Serhiy Storchaka wrote:
> 1. What special method should be added, `__keys__` or `__items__`? The
> former returns keys, it needs to call `__getitem__` repeatedly to get
> values. The latter returns key-value pairs, it does not need to call
> `__getitem__`, but you should always pay the cost of creating a tuple
> even if you do not need values.

Between __keys__ and __items__, I find that __keys__ is specifically more unique to mapping types; whereas __items__ can be reasonably applied to any type of container. Also, I personally find that I more frequently have the need to access just all of the keys and some or none of the values, rather than all of the key and value pairs. That being said, if the consensus ends up being to use __items__ instead, I would be okay with that.

Serhiy Storchaka wrote:
> 2. What type should they return?

> * An iterator.

+0.

> * An iterable which can be iterated only once. Easy to implement in
> Python as generator methods.

-1.

> * An iterable which can be iterated multiple times.

+1.

> * More complex view object which may support other protocols (for
> example support `__or__` and `__and__`).

Strong -1.

I find that the requirement of an iterable that can be iterated multiple times would be the most reasonable option, as this would be compatible with the existing dict.keys(). A simple iterator seems a bit too generic and similar to __iter__, and requiring it to be an iterable that can be iterated over only once would be incompatible with dict.keys() (which seems rather strange).

As for requiring a view object...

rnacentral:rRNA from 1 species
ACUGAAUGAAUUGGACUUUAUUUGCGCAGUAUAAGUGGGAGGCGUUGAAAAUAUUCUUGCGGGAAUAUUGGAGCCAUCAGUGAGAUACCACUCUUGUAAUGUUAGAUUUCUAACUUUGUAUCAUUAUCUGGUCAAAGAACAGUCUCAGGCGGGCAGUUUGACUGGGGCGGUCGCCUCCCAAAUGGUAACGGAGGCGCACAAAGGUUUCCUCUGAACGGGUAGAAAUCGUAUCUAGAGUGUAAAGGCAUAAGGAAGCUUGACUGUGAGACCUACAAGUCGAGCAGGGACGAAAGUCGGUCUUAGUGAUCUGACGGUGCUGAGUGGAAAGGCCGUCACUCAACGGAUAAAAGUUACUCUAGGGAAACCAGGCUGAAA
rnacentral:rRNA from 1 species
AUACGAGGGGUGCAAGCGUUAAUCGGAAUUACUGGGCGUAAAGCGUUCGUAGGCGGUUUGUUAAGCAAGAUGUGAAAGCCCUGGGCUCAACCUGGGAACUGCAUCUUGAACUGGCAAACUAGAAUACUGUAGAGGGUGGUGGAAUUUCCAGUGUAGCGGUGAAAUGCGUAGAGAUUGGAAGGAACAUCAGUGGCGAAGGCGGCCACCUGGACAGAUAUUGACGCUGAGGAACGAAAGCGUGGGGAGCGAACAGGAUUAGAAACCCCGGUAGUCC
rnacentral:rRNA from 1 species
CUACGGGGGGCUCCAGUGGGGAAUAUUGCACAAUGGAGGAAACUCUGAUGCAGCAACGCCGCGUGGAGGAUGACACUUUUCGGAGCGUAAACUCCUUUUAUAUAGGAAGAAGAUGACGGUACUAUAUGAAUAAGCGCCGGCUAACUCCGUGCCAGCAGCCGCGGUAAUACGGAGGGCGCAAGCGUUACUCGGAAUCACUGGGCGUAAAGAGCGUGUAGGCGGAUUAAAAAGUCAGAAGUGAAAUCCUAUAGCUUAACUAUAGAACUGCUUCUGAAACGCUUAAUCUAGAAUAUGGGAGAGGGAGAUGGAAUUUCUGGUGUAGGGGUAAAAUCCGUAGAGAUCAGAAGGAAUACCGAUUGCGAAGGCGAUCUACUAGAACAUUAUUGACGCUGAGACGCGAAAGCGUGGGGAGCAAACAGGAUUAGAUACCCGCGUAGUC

Steven D'Aprano wrote:
> That means that every object wanting to make use of this protocol needs
> to create a complex set-like view object, which is neither easy nor
> obvious, and may not even be appropriate for some classes.

Mainly for the above, I'm -1 on requirement of returning a view; that seems needlessly restrictive and would significantly limit the dunder method's usefulness for any user-created mappings which don't inherit from dict. If it's intended to be used for any mapping object, it should be as (reasonably) simple to implement as possible, IMO.



On Tue, Feb 18, 2020 at 7:26 PM Steven D'Aprano <steve@pearwood.info> wrote:
On Tue, Feb 18, 2020 at 11:47:16AM -0800, Ethan Furman wrote:

> Whatever `dict.items()` returns, both for consistency and because
> `dict.items()` can become a simple alias for `dict.__items__`.

That means that every object wanting to make use of this protocol needs
to create a complex set-like view object, which is neither easy nor
obvious, and may not even be appropriate for some classes.



--
Steven
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